More than 100 people were shot, stabbed, and possibly burned to death in the Syrian city of Homs this week, in what a monitoring group said was a massacre by the Army or militia loyal to President Bashar al-Assad.
The Britain-based monitoring group said women and children were among the 106 people killed by forces who stormed Basatin al-Hasawiya, an impoverished district on the edge of town.
"The Observatory has the names of 14 members of one family, including three children, and information on other families who were completely killed, including one of 32 people," Rami Abdelrahman, head of the Syrian Observatory for Human Rights, told Reuters.
"This needs to be investigated by the United Nations," said Abdelrahman, a Syrian who has documented human rights violations in Syria since 2006 and now reports on killings by both sides of the 22-month-old conflict.
Homs Province was the scene in May 2011, of the killing of 108 people, including 9 children and 34 women, in the town of Houla, which UN monitors blamed on the Army and pro-Assad militia.
Homs saw some of the biggest anti-Assad protests at the start of the revolt and heavy bombardment leveled whole neighborhoods and killed thousands of people as the army attacked rebels who moved into the city.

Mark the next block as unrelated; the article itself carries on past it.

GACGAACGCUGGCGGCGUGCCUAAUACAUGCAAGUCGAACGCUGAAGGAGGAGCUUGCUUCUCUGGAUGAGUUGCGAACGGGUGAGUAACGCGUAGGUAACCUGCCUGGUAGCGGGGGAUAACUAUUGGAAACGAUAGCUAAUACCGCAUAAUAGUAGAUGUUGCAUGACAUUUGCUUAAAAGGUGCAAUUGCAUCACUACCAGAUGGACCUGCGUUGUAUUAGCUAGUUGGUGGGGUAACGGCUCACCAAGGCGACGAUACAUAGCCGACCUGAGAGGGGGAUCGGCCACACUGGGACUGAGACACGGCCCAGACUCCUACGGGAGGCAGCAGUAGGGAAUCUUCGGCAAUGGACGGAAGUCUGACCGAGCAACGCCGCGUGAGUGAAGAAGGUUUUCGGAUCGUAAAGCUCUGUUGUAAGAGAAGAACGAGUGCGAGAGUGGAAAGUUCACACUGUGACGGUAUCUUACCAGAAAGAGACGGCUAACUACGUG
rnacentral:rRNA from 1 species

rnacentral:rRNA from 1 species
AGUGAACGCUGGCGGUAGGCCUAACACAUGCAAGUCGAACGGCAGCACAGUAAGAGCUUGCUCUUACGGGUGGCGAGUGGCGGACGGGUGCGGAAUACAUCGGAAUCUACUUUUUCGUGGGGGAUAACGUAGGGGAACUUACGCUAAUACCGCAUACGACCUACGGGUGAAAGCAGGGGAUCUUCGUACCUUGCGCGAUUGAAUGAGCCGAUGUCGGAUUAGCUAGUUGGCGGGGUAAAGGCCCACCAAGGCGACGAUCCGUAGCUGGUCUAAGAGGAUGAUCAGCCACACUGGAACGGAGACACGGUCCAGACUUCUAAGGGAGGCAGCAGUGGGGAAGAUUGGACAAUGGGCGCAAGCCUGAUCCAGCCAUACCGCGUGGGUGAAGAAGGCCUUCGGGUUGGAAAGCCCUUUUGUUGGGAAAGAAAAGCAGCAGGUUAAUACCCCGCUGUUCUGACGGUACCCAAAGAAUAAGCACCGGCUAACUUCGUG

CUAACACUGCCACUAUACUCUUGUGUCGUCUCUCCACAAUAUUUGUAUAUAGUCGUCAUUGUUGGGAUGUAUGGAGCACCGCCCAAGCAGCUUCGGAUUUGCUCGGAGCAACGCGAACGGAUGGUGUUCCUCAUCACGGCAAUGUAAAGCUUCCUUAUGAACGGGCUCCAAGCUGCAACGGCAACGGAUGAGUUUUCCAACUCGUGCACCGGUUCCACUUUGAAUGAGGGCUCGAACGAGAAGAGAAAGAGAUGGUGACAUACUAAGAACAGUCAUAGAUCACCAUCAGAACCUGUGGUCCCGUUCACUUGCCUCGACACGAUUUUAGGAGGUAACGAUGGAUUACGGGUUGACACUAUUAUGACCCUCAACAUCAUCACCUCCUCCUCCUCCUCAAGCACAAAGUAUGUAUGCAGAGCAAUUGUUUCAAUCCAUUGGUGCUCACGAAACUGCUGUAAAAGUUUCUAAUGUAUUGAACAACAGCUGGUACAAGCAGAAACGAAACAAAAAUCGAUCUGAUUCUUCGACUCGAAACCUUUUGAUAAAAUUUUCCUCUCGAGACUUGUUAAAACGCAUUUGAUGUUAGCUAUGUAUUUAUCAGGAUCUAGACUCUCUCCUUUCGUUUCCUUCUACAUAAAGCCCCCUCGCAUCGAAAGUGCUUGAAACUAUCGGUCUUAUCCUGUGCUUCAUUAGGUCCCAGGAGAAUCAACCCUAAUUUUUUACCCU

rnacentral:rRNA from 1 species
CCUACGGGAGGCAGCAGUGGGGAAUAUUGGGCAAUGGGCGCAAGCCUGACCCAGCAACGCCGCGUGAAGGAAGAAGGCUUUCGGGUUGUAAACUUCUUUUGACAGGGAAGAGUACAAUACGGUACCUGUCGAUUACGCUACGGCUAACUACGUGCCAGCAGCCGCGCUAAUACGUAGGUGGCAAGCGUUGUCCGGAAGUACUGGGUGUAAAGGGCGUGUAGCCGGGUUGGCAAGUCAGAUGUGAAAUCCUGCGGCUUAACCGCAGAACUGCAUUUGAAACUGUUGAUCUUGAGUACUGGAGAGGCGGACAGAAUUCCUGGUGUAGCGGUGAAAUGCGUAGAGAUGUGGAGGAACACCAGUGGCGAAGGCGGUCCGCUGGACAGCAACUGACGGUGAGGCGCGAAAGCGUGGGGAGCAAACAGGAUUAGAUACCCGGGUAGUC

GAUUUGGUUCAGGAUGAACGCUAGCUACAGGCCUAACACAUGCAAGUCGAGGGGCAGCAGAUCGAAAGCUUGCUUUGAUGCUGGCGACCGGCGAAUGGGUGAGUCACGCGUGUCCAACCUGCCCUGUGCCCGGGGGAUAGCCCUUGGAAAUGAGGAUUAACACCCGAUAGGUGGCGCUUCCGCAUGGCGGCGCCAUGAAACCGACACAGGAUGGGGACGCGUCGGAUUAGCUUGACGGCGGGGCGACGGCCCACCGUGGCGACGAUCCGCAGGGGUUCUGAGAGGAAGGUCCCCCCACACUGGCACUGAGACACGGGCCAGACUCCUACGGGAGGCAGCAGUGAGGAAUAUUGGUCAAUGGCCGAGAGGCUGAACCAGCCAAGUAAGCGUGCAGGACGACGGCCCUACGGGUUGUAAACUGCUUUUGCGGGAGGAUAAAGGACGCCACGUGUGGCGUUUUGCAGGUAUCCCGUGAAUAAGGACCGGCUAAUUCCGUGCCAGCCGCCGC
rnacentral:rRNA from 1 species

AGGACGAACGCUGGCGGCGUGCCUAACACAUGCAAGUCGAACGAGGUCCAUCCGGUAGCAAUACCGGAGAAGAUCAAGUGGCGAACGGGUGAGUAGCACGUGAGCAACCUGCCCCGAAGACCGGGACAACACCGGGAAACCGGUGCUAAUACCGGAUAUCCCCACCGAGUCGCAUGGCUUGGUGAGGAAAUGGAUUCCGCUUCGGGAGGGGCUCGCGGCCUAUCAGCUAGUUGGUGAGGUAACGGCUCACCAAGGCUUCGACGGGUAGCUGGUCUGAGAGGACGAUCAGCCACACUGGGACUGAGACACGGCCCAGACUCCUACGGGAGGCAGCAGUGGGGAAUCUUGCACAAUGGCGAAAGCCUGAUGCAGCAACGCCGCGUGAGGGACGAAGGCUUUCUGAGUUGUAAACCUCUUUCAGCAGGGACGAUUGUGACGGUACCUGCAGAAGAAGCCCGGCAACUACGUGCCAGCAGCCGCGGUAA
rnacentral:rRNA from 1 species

The United Nations sent observers to Syria in April 2011 but after several attacks on their convoys they left in August, complaining that both sides had chosen the path of war.
Abu Yazen, an opposition activist in Homs, said the rebel Free Syrian Army occasionally entered the farmlands of Basatin al-Hasawiya to attack a nearby military academy.
"Assad's forces punish civilians for allowing the rebels to enter the area," he said
Another activist said it was unclear which group carried out the attack, but said some of the victims appeared to have been burnt after they were killed – something the opposition says is often done by the pro-Assad shabbiha militia.
However, many houses had been torched during the raid, which could also explain the burnt bodies.
The shabbiha are drawn largely from Assad's minority Alawite sect, an offshoot of Shiite Islam. Homs has seen some of the worst sectarian violence between Alawites and other minorities and Syria's majority Sunni Muslim population, who are leading the uprising.
The outside world has not been able to stop the violence despite reports and videos of several mass killings, mostly blamed on pro-Assad forces but some also on rebel fighters.